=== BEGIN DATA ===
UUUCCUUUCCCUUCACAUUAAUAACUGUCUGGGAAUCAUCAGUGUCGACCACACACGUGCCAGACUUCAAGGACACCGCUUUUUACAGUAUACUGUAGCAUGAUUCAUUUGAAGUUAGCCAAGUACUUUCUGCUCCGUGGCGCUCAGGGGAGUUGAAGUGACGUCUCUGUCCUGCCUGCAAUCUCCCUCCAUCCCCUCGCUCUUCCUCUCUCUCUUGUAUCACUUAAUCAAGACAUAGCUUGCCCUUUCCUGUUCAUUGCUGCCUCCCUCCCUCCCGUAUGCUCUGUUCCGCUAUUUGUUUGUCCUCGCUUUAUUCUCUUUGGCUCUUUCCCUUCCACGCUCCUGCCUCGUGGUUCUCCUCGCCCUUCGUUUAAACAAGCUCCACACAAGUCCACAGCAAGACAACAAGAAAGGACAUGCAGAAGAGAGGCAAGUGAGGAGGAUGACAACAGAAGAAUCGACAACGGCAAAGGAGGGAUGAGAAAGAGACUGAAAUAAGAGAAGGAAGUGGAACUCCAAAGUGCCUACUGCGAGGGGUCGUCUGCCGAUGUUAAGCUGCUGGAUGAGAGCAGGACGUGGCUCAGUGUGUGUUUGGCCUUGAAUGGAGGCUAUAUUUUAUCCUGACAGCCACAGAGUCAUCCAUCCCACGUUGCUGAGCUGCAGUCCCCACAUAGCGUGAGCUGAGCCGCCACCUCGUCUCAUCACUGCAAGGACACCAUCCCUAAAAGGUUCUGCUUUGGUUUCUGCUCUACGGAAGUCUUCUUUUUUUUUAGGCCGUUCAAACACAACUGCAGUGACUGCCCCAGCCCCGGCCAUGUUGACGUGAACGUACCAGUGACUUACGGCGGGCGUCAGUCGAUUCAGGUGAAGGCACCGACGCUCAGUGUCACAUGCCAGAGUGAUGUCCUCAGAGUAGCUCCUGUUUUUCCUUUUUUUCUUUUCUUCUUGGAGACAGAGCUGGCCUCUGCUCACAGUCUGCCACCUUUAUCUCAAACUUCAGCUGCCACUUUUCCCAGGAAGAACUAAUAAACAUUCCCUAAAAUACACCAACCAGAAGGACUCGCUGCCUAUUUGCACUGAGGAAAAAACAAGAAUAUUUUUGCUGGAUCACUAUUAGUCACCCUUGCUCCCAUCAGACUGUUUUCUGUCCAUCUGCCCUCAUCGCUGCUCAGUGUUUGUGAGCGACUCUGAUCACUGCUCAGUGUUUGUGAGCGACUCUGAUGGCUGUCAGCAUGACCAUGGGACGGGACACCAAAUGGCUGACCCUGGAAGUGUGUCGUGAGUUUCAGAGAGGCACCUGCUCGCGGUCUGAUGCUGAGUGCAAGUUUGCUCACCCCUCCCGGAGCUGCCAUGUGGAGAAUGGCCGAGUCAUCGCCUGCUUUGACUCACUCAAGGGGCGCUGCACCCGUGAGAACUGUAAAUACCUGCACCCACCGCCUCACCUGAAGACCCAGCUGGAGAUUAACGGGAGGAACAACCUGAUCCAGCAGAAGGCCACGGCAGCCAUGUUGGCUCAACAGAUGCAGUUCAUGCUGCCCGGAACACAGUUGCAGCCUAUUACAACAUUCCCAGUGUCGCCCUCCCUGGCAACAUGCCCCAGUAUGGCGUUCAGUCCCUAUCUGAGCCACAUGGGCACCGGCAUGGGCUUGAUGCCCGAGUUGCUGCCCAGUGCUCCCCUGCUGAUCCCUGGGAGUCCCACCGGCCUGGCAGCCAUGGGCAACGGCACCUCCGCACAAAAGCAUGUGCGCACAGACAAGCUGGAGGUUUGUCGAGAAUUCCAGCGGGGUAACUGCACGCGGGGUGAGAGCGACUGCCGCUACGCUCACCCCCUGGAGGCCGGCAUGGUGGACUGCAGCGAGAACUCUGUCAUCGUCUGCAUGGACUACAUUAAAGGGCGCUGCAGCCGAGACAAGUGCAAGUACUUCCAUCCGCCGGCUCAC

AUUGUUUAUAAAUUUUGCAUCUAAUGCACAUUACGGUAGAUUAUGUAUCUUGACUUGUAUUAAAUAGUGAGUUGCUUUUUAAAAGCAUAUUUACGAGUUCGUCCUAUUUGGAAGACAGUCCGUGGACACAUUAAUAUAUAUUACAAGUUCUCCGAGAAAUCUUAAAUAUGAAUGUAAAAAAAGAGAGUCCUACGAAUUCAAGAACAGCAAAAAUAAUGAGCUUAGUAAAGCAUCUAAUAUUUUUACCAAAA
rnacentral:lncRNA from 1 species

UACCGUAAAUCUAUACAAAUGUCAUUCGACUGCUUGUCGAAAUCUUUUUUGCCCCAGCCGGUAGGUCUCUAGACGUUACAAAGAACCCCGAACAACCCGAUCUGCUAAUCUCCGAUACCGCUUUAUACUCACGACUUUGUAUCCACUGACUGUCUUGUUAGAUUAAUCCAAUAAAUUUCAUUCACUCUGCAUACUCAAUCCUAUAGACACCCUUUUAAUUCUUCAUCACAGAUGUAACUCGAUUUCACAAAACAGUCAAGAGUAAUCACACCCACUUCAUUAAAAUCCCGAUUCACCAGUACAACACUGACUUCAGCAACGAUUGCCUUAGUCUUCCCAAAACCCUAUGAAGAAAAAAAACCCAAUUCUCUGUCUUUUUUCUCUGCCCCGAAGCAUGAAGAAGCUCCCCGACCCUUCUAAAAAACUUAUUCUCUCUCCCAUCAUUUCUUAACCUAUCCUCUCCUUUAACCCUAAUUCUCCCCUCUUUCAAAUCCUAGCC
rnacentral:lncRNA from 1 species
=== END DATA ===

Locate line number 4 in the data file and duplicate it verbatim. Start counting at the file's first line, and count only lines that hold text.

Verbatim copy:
UACCGUAAAUCUAUACAAAUGUCAUUCGACUGCUUGUCGAAAUCUUUUUUGCCCCAGCCGGUAGGUCUCUAGACGUUACAAAGAACCCCGAACAACCCGAUCUGCUAAUCUCCGAUACCGCUUUAUACUCACGACUUUGUAUCCACUGACUGUCUUGUUAGAUUAAUCCAAUAAAUUUCAUUCACUCUGCAUACUCAAUCCUAUAGACACCCUUUUAAUUCUUCAUCACAGAUGUAACUCGAUUUCACAAAACAGUCAAGAGUAAUCACACCCACUUCAUUAAAAUCCCGAUUCACCAGUACAACACUGACUUCAGCAACGAUUGCCUUAGUCUUCCCAAAACCCUAUGAAGAAAAAAAACCCAAUUCUCUGUCUUUUUUCUCUGCCCCGAAGCAUGAAGAAGCUCCCCGACCCUUCUAAAAAACUUAUUCUCUCUCCCAUCAUUUCUUAACCUAUCCUCUCCUUUAACCCUAAUUCUCCCCUCUUUCAAAUCCUAGCC